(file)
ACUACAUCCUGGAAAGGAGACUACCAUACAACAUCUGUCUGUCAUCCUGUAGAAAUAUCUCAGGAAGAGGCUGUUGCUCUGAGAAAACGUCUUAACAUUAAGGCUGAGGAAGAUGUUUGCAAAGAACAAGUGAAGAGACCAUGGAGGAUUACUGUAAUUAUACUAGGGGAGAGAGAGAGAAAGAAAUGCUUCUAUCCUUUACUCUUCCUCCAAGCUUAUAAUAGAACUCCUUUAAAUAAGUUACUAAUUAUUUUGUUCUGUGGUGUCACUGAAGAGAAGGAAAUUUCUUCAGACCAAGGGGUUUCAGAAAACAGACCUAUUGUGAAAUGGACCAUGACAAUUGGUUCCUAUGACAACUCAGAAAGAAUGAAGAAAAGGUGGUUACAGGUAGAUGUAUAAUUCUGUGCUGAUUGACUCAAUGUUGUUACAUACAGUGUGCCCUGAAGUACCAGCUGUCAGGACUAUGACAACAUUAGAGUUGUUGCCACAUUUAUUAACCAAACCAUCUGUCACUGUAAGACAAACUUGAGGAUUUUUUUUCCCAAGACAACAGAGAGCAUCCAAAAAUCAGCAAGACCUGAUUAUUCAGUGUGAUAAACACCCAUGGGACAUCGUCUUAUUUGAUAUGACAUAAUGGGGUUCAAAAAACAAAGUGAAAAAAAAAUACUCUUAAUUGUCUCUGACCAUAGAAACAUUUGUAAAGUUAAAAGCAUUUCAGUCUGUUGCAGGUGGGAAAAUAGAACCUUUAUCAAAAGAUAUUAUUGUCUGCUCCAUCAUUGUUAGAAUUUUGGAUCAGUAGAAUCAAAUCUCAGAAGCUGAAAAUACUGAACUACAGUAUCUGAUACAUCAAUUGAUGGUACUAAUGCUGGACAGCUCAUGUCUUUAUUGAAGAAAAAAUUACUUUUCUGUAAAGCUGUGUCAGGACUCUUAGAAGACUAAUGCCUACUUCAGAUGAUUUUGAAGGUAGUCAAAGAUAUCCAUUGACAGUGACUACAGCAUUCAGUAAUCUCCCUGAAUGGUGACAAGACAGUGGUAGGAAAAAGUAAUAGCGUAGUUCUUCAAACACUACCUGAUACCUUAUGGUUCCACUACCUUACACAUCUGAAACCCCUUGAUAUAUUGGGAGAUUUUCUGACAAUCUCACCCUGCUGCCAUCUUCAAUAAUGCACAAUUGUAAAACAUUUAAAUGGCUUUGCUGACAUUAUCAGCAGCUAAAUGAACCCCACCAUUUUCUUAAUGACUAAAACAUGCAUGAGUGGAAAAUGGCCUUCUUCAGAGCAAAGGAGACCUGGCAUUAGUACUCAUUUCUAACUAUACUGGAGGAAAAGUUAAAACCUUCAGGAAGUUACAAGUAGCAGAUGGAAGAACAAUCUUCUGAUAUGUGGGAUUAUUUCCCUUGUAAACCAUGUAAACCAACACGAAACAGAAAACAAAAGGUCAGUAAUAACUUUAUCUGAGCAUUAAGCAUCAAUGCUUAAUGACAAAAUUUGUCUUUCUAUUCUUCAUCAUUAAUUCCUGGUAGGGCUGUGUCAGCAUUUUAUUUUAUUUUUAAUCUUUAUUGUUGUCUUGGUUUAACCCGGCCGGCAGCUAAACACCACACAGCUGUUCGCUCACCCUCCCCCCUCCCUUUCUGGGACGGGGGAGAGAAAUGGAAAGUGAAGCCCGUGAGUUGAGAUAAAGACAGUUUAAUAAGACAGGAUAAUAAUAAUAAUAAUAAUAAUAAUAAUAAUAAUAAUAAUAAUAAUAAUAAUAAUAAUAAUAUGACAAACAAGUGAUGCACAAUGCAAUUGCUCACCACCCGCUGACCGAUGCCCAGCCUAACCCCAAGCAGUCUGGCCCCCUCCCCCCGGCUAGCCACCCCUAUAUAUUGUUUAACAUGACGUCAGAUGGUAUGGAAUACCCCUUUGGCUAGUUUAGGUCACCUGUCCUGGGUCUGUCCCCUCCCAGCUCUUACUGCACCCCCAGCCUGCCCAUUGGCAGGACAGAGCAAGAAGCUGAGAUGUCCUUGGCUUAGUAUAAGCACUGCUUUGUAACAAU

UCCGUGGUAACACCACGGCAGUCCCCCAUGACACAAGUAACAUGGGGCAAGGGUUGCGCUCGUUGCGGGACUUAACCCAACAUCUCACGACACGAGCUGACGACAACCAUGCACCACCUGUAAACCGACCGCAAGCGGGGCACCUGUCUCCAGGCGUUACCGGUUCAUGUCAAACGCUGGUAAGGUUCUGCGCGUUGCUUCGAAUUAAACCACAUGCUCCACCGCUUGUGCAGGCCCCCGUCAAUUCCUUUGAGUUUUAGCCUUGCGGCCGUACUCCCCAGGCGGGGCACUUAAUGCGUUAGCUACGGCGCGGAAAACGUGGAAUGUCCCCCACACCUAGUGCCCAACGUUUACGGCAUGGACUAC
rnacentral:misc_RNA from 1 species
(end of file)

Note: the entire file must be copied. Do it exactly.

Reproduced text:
ACUACAUCCUGGAAAGGAGACUACCAUACAACAUCUGUCUGUCAUCCUGUAGAAAUAUCUCAGGAAGAGGCUGUUGCUCUGAGAAAACGUCUUAACAUUAAGGCUGAGGAAGAUGUUUGCAAAGAACAAGUGAAGAGACCAUGGAGGAUUACUGUAAUUAUACUAGGGGAGAGAGAGAGAAAGAAAUGCUUCUAUCCUUUACUCUUCCUCCAAGCUUAUAAUAGAACUCCUUUAAAUAAGUUACUAAUUAUUUUGUUCUGUGGUGUCACUGAAGAGAAGGAAAUUUCUUCAGACCAAGGGGUUUCAGAAAACAGACCUAUUGUGAAAUGGACCAUGACAAUUGGUUCCUAUGACAACUCAGAAAGAAUGAAGAAAAGGUGGUUACAGGUAGAUGUAUAAUUCUGUGCUGAUUGACUCAAUGUUGUUACAUACAGUGUGCCCUGAAGUACCAGCUGUCAGGACUAUGACAACAUUAGAGUUGUUGCCACAUUUAUUAACCAAACCAUCUGUCACUGUAAGACAAACUUGAGGAUUUUUUUUCCCAAGACAACAGAGAGCAUCCAAAAAUCAGCAAGACCUGAUUAUUCAGUGUGAUAAACACCCAUGGGACAUCGUCUUAUUUGAUAUGACAUAAUGGGGUUCAAAAAACAAAGUGAAAAAAAAAUACUCUUAAUUGUCUCUGACCAUAGAAACAUUUGUAAAGUUAAAAGCAUUUCAGUCUGUUGCAGGUGGGAAAAUAGAACCUUUAUCAAAAGAUAUUAUUGUCUGCUCCAUCAUUGUUAGAAUUUUGGAUCAGUAGAAUCAAAUCUCAGAAGCUGAAAAUACUGAACUACAGUAUCUGAUACAUCAAUUGAUGGUACUAAUGCUGGACAGCUCAUGUCUUUAUUGAAGAAAAAAUUACUUUUCUGUAAAGCUGUGUCAGGACUCUUAGAAGACUAAUGCCUACUUCAGAUGAUUUUGAAGGUAGUCAAAGAUAUCCAUUGACAGUGACUACAGCAUUCAGUAAUCUCCCUGAAUGGUGACAAGACAGUGGUAGGAAAAAGUAAUAGCGUAGUUCUUCAAACACUACCUGAUACCUUAUGGUUCCACUACCUUACACAUCUGAAACCCCUUGAUAUAUUGGGAGAUUUUCUGACAAUCUCACCCUGCUGCCAUCUUCAAUAAUGCACAAUUGUAAAACAUUUAAAUGGCUUUGCUGACAUUAUCAGCAGCUAAAUGAACCCCACCAUUUUCUUAAUGACUAAAACAUGCAUGAGUGGAAAAUGGCCUUCUUCAGAGCAAAGGAGACCUGGCAUUAGUACUCAUUUCUAACUAUACUGGAGGAAAAGUUAAAACCUUCAGGAAGUUACAAGUAGCAGAUGGAAGAACAAUCUUCUGAUAUGUGGGAUUAUUUCCCUUGUAAACCAUGUAAACCAACACGAAACAGAAAACAAAAGGUCAGUAAUAACUUUAUCUGAGCAUUAAGCAUCAAUGCUUAAUGACAAAAUUUGUCUUUCUAUUCUUCAUCAUUAAUUCCUGGUAGGGCUGUGUCAGCAUUUUAUUUUAUUUUUAAUCUUUAUUGUUGUCUUGGUUUAACCCGGCCGGCAGCUAAACACCACACAGCUGUUCGCUCACCCUCCCCCCUCCCUUUCUGGGACGGGGGAGAGAAAUGGAAAGUGAAGCCCGUGAGUUGAGAUAAAGACAGUUUAAUAAGACAGGAUAAUAAUAAUAAUAAUAAUAAUAAUAAUAAUAAUAAUAAUAAUAAUAAUAAUAAUAAUAAUAUGACAAACAAGUGAUGCACAAUGCAAUUGCUCACCACCCGCUGACCGAUGCCCAGCCUAACCCCAAGCAGUCUGGCCCCCUCCCCCCGGCUAGCCACCCCUAUAUAUUGUUUAACAUGACGUCAGAUGGUAUGGAAUACCCCUUUGGCUAGUUUAGGUCACCUGUCCUGGGUCUGUCCCCUCCCAGCUCUUACUGCACCCCCAGCCUGCCCAUUGGCAGGACAGAGCAAGAAGCUGAGAUGUCCUUGGCUUAGUAUAAGCACUGCUUUGUAACAAU

UCCGUGGUAACACCACGGCAGUCCCCCAUGACACAAGUAACAUGGGGCAAGGGUUGCGCUCGUUGCGGGACUUAACCCAACAUCUCACGACACGAGCUGACGACAACCAUGCACCACCUGUAAACCGACCGCAAGCGGGGCACCUGUCUCCAGGCGUUACCGGUUCAUGUCAAACGCUGGUAAGGUUCUGCGCGUUGCUUCGAAUUAAACCACAUGCUCCACCGCUUGUGCAGGCCCCCGUCAAUUCCUUUGAGUUUUAGCCUUGCGGCCGUACUCCCCAGGCGGGGCACUUAAUGCGUUAGCUACGGCGCGGAAAACGUGGAAUGUCCCCCACACCUAGUGCCCAACGUUUACGGCAUGGACUAC
rnacentral:misc_RNA from 1 species